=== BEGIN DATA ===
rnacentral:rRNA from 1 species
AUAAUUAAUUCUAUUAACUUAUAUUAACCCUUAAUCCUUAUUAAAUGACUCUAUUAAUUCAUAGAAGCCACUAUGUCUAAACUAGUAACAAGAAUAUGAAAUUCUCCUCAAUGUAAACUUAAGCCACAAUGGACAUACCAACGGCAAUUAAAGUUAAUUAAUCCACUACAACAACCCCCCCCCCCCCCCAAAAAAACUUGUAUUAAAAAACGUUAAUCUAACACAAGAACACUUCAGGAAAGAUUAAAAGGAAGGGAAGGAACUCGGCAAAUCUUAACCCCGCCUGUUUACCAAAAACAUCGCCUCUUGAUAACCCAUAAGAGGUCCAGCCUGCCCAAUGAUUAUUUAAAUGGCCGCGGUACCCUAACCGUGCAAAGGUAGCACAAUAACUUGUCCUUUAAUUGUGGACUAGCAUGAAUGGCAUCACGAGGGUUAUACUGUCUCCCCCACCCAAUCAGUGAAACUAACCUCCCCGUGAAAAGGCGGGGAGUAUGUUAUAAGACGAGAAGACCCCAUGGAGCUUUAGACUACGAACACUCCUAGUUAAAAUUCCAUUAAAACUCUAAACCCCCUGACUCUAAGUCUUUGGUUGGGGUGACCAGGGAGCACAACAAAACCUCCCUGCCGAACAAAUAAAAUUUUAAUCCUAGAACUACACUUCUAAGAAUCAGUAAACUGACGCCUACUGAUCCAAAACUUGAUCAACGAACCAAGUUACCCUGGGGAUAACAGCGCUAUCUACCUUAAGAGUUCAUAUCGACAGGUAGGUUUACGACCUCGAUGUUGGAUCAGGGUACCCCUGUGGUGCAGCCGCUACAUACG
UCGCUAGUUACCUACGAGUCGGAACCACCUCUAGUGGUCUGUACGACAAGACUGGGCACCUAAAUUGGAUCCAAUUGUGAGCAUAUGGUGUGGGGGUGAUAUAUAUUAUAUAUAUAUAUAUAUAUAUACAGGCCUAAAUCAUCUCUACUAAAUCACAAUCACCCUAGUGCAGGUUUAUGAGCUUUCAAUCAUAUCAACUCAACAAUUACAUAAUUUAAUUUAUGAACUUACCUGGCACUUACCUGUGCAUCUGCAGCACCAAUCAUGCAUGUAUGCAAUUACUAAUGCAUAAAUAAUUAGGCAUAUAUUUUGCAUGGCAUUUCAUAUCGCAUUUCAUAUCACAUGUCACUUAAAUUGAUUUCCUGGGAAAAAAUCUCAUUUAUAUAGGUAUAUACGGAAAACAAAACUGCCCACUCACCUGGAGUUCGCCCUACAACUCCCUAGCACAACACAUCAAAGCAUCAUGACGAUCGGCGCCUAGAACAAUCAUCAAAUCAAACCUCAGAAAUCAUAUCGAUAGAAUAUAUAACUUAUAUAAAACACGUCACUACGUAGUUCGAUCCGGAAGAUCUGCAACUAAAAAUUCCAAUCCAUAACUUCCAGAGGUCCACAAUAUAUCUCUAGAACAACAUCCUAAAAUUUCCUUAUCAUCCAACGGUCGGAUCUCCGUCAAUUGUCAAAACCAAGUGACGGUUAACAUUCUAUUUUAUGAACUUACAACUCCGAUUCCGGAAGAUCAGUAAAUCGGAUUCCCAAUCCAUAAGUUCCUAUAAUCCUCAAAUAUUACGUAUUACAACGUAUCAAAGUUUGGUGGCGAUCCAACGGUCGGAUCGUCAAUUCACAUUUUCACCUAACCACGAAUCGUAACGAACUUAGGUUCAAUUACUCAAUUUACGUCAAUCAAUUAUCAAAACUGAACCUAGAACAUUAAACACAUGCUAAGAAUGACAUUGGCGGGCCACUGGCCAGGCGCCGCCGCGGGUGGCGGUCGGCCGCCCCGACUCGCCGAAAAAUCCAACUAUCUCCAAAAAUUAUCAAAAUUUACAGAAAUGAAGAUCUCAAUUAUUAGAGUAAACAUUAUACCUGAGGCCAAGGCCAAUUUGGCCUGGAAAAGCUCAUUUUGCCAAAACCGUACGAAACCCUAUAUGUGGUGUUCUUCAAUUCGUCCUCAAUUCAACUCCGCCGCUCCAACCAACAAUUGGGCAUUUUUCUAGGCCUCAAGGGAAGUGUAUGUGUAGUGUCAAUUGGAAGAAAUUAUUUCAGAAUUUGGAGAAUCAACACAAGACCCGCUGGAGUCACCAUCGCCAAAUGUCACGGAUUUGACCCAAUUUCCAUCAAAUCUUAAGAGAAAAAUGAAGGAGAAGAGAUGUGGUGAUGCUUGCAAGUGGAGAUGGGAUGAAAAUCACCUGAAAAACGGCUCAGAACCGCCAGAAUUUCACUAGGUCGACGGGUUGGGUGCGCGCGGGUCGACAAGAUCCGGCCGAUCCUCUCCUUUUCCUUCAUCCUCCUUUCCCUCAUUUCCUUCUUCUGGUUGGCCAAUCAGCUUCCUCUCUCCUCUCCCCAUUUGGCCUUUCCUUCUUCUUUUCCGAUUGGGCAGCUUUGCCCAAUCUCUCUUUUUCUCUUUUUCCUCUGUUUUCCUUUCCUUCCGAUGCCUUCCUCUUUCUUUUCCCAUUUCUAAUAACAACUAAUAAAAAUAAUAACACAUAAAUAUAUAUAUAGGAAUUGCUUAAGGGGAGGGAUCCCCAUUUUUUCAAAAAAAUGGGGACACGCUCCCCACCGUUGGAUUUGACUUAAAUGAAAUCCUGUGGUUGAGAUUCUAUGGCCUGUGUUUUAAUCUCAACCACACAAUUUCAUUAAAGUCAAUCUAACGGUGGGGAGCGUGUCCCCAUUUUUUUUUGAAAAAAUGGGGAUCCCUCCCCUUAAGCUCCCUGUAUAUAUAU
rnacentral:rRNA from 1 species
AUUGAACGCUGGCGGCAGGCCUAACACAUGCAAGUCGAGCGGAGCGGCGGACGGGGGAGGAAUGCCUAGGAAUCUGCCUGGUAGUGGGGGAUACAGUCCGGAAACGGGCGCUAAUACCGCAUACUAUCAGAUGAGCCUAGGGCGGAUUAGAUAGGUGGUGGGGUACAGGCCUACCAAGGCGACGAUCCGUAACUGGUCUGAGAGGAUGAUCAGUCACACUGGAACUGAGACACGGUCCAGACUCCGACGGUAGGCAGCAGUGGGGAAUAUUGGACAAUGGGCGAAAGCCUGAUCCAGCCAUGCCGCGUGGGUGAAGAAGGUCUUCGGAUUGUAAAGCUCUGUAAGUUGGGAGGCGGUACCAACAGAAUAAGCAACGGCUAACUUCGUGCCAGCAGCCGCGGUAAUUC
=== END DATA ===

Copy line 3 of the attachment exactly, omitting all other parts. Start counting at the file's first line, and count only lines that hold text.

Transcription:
UCGCUAGUUACCUACGAGUCGGAACCACCUCUAGUGGUCUGUACGACAAGACUGGGCACCUAAAUUGGAUCCAAUUGUGAGCAUAUGGUGUGGGGGUGAUAUAUAUUAUAUAUAUAUAUAUAUAUAUACAGGCCUAAAUCAUCUCUACUAAAUCACAAUCACCCUAGUGCAGGUUUAUGAGCUUUCAAUCAUAUCAACUCAACAAUUACAUAAUUUAAUUUAUGAACUUACCUGGCACUUACCUGUGCAUCUGCAGCACCAAUCAUGCAUGUAUGCAAUUACUAAUGCAUAAAUAAUUAGGCAUAUAUUUUGCAUGGCAUUUCAUAUCGCAUUUCAUAUCACAUGUCACUUAAAUUGAUUUCCUGGGAAAAAAUCUCAUUUAUAUAGGUAUAUACGGAAAACAAAACUGCCCACUCACCUGGAGUUCGCCCUACAACUCCCUAGCACAACACAUCAAAGCAUCAUGACGAUCGGCGCCUAGAACAAUCAUCAAAUCAAACCUCAGAAAUCAUAUCGAUAGAAUAUAUAACUUAUAUAAAACACGUCACUACGUAGUUCGAUCCGGAAGAUCUGCAACUAAAAAUUCCAAUCCAUAACUUCCAGAGGUCCACAAUAUAUCUCUAGAACAACAUCCUAAAAUUUCCUUAUCAUCCAACGGUCGGAUCUCCGUCAAUUGUCAAAACCAAGUGACGGUUAACAUUCUAUUUUAUGAACUUACAACUCCGAUUCCGGAAGAUCAGUAAAUCGGAUUCCCAAUCCAUAAGUUCCUAUAAUCCUCAAAUAUUACGUAUUACAACGUAUCAAAGUUUGGUGGCGAUCCAACGGUCGGAUCGUCAAUUCACAUUUUCACCUAACCACGAAUCGUAACGAACUUAGGUUCAAUUACUCAAUUUACGUCAAUCAAUUAUCAAAACUGAACCUAGAACAUUAAACACAUGCUAAGAAUGACAUUGGCGGGCCACUGGCCAGGCGCCGCCGCGGGUGGCGGUCGGCCGCCCCGACUCGCCGAAAAAUCCAACUAUCUCCAAAAAUUAUCAAAAUUUACAGAAAUGAAGAUCUCAAUUAUUAGAGUAAACAUUAUACCUGAGGCCAAGGCCAAUUUGGCCUGGAAAAGCUCAUUUUGCCAAAACCGUACGAAACCCUAUAUGUGGUGUUCUUCAAUUCGUCCUCAAUUCAACUCCGCCGCUCCAACCAACAAUUGGGCAUUUUUCUAGGCCUCAAGGGAAGUGUAUGUGUAGUGUCAAUUGGAAGAAAUUAUUUCAGAAUUUGGAGAAUCAACACAAGACCCGCUGGAGUCACCAUCGCCAAAUGUCACGGAUUUGACCCAAUUUCCAUCAAAUCUUAAGAGAAAAAUGAAGGAGAAGAGAUGUGGUGAUGCUUGCAAGUGGAGAUGGGAUGAAAAUCACCUGAAAAACGGCUCAGAACCGCCAGAAUUUCACUAGGUCGACGGGUUGGGUGCGCGCGGGUCGACAAGAUCCGGCCGAUCCUCUCCUUUUCCUUCAUCCUCCUUUCCCUCAUUUCCUUCUUCUGGUUGGCCAAUCAGCUUCCUCUCUCCUCUCCCCAUUUGGCCUUUCCUUCUUCUUUUCCGAUUGGGCAGCUUUGCCCAAUCUCUCUUUUUCUCUUUUUCCUCUGUUUUCCUUUCCUUCCGAUGCCUUCCUCUUUCUUUUCCCAUUUCUAAUAACAACUAAUAAAAAUAAUAACACAUAAAUAUAUAUAUAGGAAUUGCUUAAGGGGAGGGAUCCCCAUUUUUUCAAAAAAAUGGGGACACGCUCCCCACCGUUGGAUUUGACUUAAAUGAAAUCCUGUGGUUGAGAUUCUAUGGCCUGUGUUUUAAUCUCAACCACACAAUUUCAUUAAAGUCAAUCUAACGGUGGGGAGCGUGUCCCCAUUUUUUUUUGAAAAAAUGGGGAUCCCUCCCCUUAAGCUCCCUGUAUAUAUAU